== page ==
The bible is filled with promises to encourage and help us. But did you know that your Father God has set aside specific sections of scripture for you individually? You won’t be the only person who especially benefits from those scriptures, but God has placed certain scriptures with promises that pertain for your life that may not be as needful or meaningful to someone else. They will have their own promises from God that won’t be as important to you.
Some years ago I was introduced to the idea that God gives each of us certain sections of scripture for us to fully experience. All the scripture is ours, undoubtedly. Yet, different lives take different courses, and for whatever course our life takes, there can be specific sections of scripture that will resonate deeply with us to help and encourage us in our lives, in our walk with the Lord. For example, the record of Hannah in 1 Samuel as an infertile woman longing for a child, would not have as much significance to a woman with many children who never struggled with infertility. It doesn’t mean there isn’t learning and encouragement for the woman who has not had that particular struggle, but it will probably carry greater weight for a woman who can relate to that specific difficulty.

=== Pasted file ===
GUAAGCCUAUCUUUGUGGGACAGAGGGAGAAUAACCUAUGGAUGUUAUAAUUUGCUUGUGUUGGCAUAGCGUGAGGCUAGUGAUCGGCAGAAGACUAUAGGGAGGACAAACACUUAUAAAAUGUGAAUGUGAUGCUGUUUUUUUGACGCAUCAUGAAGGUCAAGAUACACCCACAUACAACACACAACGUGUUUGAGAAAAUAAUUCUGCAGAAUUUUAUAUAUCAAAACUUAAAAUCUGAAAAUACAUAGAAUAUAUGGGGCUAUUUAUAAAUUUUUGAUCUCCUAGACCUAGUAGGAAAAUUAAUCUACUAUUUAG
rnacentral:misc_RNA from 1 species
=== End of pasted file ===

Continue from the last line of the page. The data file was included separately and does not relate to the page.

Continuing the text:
In April 2014 the Lord “gave” me Psalm 18 as an “inheritance word.” Reading this psalm brings me inordinate joy, hope and encouragement. Many times I would break down in tears at a certain point because I felt that part of the psalm so deeply.
Psalm 18 has sweeping grand language and imagery. The commentator Matthew Henry says this about Psalm 18: “The poetry is very fine, the images are bold, the expressions lofty, and every word is proper and significant; but the piety far exceeds the poetry. Holy faith, and love, and joy, and praise, and hope, are here lively, active, and upon the wing.
Barnes commentary says, “It is a song of victory, and is beyond doubt the most sublime ode that was ever composed on such an occasion. David, long pursued and harassed by foes who sought his life, at length felt that a complete triumph was obtained, and that he and his kingdom were safe, and he pours forth the utterances of a grateful heart for God’s merciful and mighty interposition, in language of the highest sublimity, and with the utmost grandeur of poetic imagery. Nowhere else, even in the sacred Scriptures, are there to be found images more beautiful, or expressions more sublime, than those which occur in this psalm.”
I don’t use the word sublime so I had to check out its definition. For those of you like me, here is how Dictionary.com defines sublime. 1. elevated or lofty in thought, language, etc. 2. impressing the mind with a sense of grandeur or power; inspiring awe, veneration, etc. 3. supreme or outstanding. 4. complete; absolute; utter.
So, there you go.
Psalm 18 wasn’t my first inheritance word. I think my first must have been Psalm 73 where Asaph describes his jealousy at the prosperity of the wicked. He is so honest about how beautiful and easy their lives appeared and how it pierced his heart…until he went into the sanctuary of his God. There God reveals the truth to him about the situation of the wicked.